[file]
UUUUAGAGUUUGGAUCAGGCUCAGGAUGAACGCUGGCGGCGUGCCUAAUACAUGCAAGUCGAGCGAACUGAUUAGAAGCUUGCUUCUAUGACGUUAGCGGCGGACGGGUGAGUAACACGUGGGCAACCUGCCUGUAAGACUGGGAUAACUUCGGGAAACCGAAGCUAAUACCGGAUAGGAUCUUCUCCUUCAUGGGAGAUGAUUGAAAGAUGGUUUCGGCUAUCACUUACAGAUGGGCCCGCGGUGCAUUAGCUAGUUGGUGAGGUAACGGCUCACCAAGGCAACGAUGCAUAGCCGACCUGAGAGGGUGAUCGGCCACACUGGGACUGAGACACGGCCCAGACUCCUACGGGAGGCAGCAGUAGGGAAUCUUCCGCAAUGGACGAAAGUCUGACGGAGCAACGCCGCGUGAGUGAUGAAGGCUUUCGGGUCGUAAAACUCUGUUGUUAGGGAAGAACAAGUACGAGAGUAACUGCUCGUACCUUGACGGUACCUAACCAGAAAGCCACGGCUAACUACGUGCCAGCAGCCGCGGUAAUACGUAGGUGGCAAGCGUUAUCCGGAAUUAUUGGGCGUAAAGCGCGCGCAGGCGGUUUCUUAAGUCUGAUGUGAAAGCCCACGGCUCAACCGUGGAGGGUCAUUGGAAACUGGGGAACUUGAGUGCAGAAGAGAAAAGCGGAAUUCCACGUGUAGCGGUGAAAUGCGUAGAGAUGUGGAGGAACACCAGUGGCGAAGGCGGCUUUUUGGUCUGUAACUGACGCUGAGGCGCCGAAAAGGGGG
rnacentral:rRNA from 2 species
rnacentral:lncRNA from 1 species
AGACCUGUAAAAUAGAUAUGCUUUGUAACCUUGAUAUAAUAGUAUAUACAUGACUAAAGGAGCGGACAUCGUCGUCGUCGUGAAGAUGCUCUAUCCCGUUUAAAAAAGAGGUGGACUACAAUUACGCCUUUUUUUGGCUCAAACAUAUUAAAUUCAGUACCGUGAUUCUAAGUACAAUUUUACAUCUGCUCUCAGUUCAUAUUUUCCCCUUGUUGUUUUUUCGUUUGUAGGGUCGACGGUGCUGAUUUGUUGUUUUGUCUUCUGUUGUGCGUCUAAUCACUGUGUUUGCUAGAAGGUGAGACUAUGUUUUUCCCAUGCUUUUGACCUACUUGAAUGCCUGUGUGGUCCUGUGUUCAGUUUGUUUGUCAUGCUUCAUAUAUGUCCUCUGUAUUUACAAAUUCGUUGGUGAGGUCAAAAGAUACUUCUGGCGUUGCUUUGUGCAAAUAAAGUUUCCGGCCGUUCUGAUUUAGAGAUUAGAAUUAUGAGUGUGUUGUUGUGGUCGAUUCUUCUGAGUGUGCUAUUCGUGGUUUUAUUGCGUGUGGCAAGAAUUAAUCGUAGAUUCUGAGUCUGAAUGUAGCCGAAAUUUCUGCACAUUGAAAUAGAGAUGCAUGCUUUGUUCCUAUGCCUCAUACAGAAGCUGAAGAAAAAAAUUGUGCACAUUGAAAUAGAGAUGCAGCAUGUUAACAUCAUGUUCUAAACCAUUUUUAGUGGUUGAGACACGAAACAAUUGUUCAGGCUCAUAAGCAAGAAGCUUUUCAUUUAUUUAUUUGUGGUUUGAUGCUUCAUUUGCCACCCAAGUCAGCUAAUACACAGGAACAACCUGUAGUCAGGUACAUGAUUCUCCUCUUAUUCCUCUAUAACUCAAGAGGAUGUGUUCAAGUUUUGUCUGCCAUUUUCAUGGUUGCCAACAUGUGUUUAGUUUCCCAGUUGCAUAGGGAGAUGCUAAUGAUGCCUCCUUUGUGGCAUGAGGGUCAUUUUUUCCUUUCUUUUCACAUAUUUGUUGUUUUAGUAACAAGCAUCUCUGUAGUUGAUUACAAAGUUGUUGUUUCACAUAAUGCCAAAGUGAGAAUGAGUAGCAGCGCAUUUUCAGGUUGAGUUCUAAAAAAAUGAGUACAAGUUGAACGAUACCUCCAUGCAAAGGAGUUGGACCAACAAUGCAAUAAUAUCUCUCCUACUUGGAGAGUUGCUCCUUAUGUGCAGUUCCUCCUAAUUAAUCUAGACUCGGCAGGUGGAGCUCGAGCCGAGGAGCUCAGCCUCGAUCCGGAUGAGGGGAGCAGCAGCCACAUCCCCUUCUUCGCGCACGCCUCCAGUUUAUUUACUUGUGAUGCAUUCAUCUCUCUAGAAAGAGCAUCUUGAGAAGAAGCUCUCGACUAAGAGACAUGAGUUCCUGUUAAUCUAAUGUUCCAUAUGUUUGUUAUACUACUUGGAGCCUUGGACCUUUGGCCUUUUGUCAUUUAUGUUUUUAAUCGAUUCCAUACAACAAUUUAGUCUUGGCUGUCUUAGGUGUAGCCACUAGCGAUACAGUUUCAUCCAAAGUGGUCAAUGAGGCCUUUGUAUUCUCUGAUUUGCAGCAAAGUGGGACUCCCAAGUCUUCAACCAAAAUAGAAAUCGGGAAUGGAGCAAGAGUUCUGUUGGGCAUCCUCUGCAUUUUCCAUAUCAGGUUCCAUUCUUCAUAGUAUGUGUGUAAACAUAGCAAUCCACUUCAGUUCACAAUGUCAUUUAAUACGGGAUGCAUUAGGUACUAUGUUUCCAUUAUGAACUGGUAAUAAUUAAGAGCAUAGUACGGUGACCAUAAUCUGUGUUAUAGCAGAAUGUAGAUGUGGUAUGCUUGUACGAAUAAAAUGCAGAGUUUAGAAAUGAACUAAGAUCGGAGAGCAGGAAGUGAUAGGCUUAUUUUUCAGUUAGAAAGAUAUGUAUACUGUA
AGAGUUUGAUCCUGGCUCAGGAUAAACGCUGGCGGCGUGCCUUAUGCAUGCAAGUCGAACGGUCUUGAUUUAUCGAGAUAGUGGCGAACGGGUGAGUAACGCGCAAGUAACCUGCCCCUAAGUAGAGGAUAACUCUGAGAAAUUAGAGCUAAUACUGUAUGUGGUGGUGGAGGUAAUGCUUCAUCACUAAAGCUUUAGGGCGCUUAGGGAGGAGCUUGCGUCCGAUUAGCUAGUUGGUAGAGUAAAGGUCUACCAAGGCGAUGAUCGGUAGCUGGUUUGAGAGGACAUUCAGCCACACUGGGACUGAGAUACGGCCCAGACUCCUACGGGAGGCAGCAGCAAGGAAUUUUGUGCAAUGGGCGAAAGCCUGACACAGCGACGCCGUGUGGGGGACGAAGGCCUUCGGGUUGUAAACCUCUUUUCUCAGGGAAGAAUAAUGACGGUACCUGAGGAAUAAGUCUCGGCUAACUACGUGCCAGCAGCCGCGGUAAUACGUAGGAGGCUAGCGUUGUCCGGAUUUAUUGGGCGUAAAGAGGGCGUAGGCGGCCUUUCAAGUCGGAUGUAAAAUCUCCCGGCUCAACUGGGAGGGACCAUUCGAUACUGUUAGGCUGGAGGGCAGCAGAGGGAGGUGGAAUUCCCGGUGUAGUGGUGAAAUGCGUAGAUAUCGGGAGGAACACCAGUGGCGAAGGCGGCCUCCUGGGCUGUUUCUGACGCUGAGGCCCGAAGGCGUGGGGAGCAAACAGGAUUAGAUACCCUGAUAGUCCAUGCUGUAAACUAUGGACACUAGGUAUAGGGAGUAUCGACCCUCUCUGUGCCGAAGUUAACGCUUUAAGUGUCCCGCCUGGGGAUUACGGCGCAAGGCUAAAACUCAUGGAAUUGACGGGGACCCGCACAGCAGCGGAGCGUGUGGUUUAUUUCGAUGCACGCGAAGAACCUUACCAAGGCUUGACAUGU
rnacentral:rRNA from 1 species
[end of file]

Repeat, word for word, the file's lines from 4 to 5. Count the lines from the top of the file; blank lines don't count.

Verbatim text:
AGACCUGUAAAAUAGAUAUGCUUUGUAACCUUGAUAUAAUAGUAUAUACAUGACUAAAGGAGCGGACAUCGUCGUCGUCGUGAAGAUGCUCUAUCCCGUUUAAAAAAGAGGUGGACUACAAUUACGCCUUUUUUUGGCUCAAACAUAUUAAAUUCAGUACCGUGAUUCUAAGUACAAUUUUACAUCUGCUCUCAGUUCAUAUUUUCCCCUUGUUGUUUUUUCGUUUGUAGGGUCGACGGUGCUGAUUUGUUGUUUUGUCUUCUGUUGUGCGUCUAAUCACUGUGUUUGCUAGAAGGUGAGACUAUGUUUUUCCCAUGCUUUUGACCUACUUGAAUGCCUGUGUGGUCCUGUGUUCAGUUUGUUUGUCAUGCUUCAUAUAUGUCCUCUGUAUUUACAAAUUCGUUGGUGAGGUCAAAAGAUACUUCUGGCGUUGCUUUGUGCAAAUAAAGUUUCCGGCCGUUCUGAUUUAGAGAUUAGAAUUAUGAGUGUGUUGUUGUGGUCGAUUCUUCUGAGUGUGCUAUUCGUGGUUUUAUUGCGUGUGGCAAGAAUUAAUCGUAGAUUCUGAGUCUGAAUGUAGCCGAAAUUUCUGCACAUUGAAAUAGAGAUGCAUGCUUUGUUCCUAUGCCUCAUACAGAAGCUGAAGAAAAAAAUUGUGCACAUUGAAAUAGAGAUGCAGCAUGUUAACAUCAUGUUCUAAACCAUUUUUAGUGGUUGAGACACGAAACAAUUGUUCAGGCUCAUAAGCAAGAAGCUUUUCAUUUAUUUAUUUGUGGUUUGAUGCUUCAUUUGCCACCCAAGUCAGCUAAUACACAGGAACAACCUGUAGUCAGGUACAUGAUUCUCCUCUUAUUCCUCUAUAACUCAAGAGGAUGUGUUCAAGUUUUGUCUGCCAUUUUCAUGGUUGCCAACAUGUGUUUAGUUUCCCAGUUGCAUAGGGAGAUGCUAAUGAUGCCUCCUUUGUGGCAUGAGGGUCAUUUUUUCCUUUCUUUUCACAUAUUUGUUGUUUUAGUAACAAGCAUCUCUGUAGUUGAUUACAAAGUUGUUGUUUCACAUAAUGCCAAAGUGAGAAUGAGUAGCAGCGCAUUUUCAGGUUGAGUUCUAAAAAAAUGAGUACAAGUUGAACGAUACCUCCAUGCAAAGGAGUUGGACCAACAAUGCAAUAAUAUCUCUCCUACUUGGAGAGUUGCUCCUUAUGUGCAGUUCCUCCUAAUUAAUCUAGACUCGGCAGGUGGAGCUCGAGCCGAGGAGCUCAGCCUCGAUCCGGAUGAGGGGAGCAGCAGCCACAUCCCCUUCUUCGCGCACGCCUCCAGUUUAUUUACUUGUGAUGCAUUCAUCUCUCUAGAAAGAGCAUCUUGAGAAGAAGCUCUCGACUAAGAGACAUGAGUUCCUGUUAAUCUAAUGUUCCAUAUGUUUGUUAUACUACUUGGAGCCUUGGACCUUUGGCCUUUUGUCAUUUAUGUUUUUAAUCGAUUCCAUACAACAAUUUAGUCUUGGCUGUCUUAGGUGUAGCCACUAGCGAUACAGUUUCAUCCAAAGUGGUCAAUGAGGCCUUUGUAUUCUCUGAUUUGCAGCAAAGUGGGACUCCCAAGUCUUCAACCAAAAUAGAAAUCGGGAAUGGAGCAAGAGUUCUGUUGGGCAUCCUCUGCAUUUUCCAUAUCAGGUUCCAUUCUUCAUAGUAUGUGUGUAAACAUAGCAAUCCACUUCAGUUCACAAUGUCAUUUAAUACGGGAUGCAUUAGGUACUAUGUUUCCAUUAUGAACUGGUAAUAAUUAAGAGCAUAGUACGGUGACCAUAAUCUGUGUUAUAGCAGAAUGUAGAUGUGGUAUGCUUGUACGAAUAAAAUGCAGAGUUUAGAAAUGAACUAAGAUCGGAGAGCAGGAAGUGAUAGGCUUAUUUUUCAGUUAGAAAGAUAUGUAUACUGUA
AGAGUUUGAUCCUGGCUCAGGAUAAACGCUGGCGGCGUGCCUUAUGCAUGCAAGUCGAACGGUCUUGAUUUAUCGAGAUAGUGGCGAACGGGUGAGUAACGCGCAAGUAACCUGCCCCUAAGUAGAGGAUAACUCUGAGAAAUUAGAGCUAAUACUGUAUGUGGUGGUGGAGGUAAUGCUUCAUCACUAAAGCUUUAGGGCGCUUAGGGAGGAGCUUGCGUCCGAUUAGCUAGUUGGUAGAGUAAAGGUCUACCAAGGCGAUGAUCGGUAGCUGGUUUGAGAGGACAUUCAGCCACACUGGGACUGAGAUACGGCCCAGACUCCUACGGGAGGCAGCAGCAAGGAAUUUUGUGCAAUGGGCGAAAGCCUGACACAGCGACGCCGUGUGGGGGACGAAGGCCUUCGGGUUGUAAACCUCUUUUCUCAGGGAAGAAUAAUGACGGUACCUGAGGAAUAAGUCUCGGCUAACUACGUGCCAGCAGCCGCGGUAAUACGUAGGAGGCUAGCGUUGUCCGGAUUUAUUGGGCGUAAAGAGGGCGUAGGCGGCCUUUCAAGUCGGAUGUAAAAUCUCCCGGCUCAACUGGGAGGGACCAUUCGAUACUGUUAGGCUGGAGGGCAGCAGAGGGAGGUGGAAUUCCCGGUGUAGUGGUGAAAUGCGUAGAUAUCGGGAGGAACACCAGUGGCGAAGGCGGCCUCCUGGGCUGUUUCUGACGCUGAGGCCCGAAGGCGUGGGGAGCAAACAGGAUUAGAUACCCUGAUAGUCCAUGCUGUAAACUAUGGACACUAGGUAUAGGGAGUAUCGACCCUCUCUGUGCCGAAGUUAACGCUUUAAGUGUCCCGCCUGGGGAUUACGGCGCAAGGCUAAAACUCAUGGAAUUGACGGGGACCCGCACAGCAGCGGAGCGUGUGGUUUAUUUCGAUGCACGCGAAGAACCUUACCAAGGCUUGACAUGU